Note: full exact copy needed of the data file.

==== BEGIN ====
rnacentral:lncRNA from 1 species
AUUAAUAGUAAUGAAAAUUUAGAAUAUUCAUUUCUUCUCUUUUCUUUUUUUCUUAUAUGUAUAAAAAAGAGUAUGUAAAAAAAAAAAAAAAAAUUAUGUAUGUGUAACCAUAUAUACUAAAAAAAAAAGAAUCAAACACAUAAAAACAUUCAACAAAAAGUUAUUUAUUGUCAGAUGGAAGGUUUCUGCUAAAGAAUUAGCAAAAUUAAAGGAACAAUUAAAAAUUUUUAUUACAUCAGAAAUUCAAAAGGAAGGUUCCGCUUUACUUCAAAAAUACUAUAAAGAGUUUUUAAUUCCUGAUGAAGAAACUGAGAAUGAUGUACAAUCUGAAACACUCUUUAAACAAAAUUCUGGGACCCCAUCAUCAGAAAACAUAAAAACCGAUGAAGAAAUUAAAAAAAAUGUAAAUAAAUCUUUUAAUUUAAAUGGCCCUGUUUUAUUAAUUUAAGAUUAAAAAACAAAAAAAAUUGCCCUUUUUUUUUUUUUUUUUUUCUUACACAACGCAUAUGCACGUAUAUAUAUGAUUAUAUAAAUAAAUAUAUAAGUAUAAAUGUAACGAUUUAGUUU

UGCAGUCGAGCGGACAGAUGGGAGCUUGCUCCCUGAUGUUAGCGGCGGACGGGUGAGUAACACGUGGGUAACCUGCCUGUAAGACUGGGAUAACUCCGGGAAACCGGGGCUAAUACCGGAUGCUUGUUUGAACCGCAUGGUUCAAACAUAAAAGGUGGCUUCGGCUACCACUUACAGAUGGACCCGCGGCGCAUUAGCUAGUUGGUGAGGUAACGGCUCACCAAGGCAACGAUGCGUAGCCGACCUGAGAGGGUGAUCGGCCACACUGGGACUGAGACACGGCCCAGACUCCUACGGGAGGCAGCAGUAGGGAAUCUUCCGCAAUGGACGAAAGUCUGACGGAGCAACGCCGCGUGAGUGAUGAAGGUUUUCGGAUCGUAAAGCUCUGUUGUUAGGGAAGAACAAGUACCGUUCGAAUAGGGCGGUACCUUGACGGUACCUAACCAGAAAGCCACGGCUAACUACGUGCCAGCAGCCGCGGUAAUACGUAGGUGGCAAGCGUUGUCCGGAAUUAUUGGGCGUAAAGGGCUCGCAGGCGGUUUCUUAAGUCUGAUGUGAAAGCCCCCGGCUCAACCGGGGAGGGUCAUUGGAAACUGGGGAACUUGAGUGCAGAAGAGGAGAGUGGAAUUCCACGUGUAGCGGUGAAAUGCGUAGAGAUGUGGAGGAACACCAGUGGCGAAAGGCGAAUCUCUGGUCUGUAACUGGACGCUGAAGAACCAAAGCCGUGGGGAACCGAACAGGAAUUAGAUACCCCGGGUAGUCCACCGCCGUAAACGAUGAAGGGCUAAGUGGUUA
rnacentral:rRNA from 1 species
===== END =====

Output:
rnacentral:lncRNA from 1 species
AUUAAUAGUAAUGAAAAUUUAGAAUAUUCAUUUCUUCUCUUUUCUUUUUUUCUUAUAUGUAUAAAAAAGAGUAUGUAAAAAAAAAAAAAAAAAUUAUGUAUGUGUAACCAUAUAUACUAAAAAAAAAAGAAUCAAACACAUAAAAACAUUCAACAAAAAGUUAUUUAUUGUCAGAUGGAAGGUUUCUGCUAAAGAAUUAGCAAAAUUAAAGGAACAAUUAAAAAUUUUUAUUACAUCAGAAAUUCAAAAGGAAGGUUCCGCUUUACUUCAAAAAUACUAUAAAGAGUUUUUAAUUCCUGAUGAAGAAACUGAGAAUGAUGUACAAUCUGAAACACUCUUUAAACAAAAUUCUGGGACCCCAUCAUCAGAAAACAUAAAAACCGAUGAAGAAAUUAAAAAAAAUGUAAAUAAAUCUUUUAAUUUAAAUGGCCCUGUUUUAUUAAUUUAAGAUUAAAAAACAAAAAAAAUUGCCCUUUUUUUUUUUUUUUUUUUCUUACACAACGCAUAUGCACGUAUAUAUAUGAUUAUAUAAAUAAAUAUAUAAGUAUAAAUGUAACGAUUUAGUUU

UGCAGUCGAGCGGACAGAUGGGAGCUUGCUCCCUGAUGUUAGCGGCGGACGGGUGAGUAACACGUGGGUAACCUGCCUGUAAGACUGGGAUAACUCCGGGAAACCGGGGCUAAUACCGGAUGCUUGUUUGAACCGCAUGGUUCAAACAUAAAAGGUGGCUUCGGCUACCACUUACAGAUGGACCCGCGGCGCAUUAGCUAGUUGGUGAGGUAACGGCUCACCAAGGCAACGAUGCGUAGCCGACCUGAGAGGGUGAUCGGCCACACUGGGACUGAGACACGGCCCAGACUCCUACGGGAGGCAGCAGUAGGGAAUCUUCCGCAAUGGACGAAAGUCUGACGGAGCAACGCCGCGUGAGUGAUGAAGGUUUUCGGAUCGUAAAGCUCUGUUGUUAGGGAAGAACAAGUACCGUUCGAAUAGGGCGGUACCUUGACGGUACCUAACCAGAAAGCCACGGCUAACUACGUGCCAGCAGCCGCGGUAAUACGUAGGUGGCAAGCGUUGUCCGGAAUUAUUGGGCGUAAAGGGCUCGCAGGCGGUUUCUUAAGUCUGAUGUGAAAGCCCCCGGCUCAACCGGGGAGGGUCAUUGGAAACUGGGGAACUUGAGUGCAGAAGAGGAGAGUGGAAUUCCACGUGUAGCGGUGAAAUGCGUAGAGAUGUGGAGGAACACCAGUGGCGAAAGGCGAAUCUCUGGUCUGUAACUGGACGCUGAAGAACCAAAGCCGUGGGGAACCGAACAGGAAUUAGAUACCCCGGGUAGUCCACCGCCGUAAACGAUGAAGGGCUAAGUGGUUA
rnacentral:rRNA from 1 species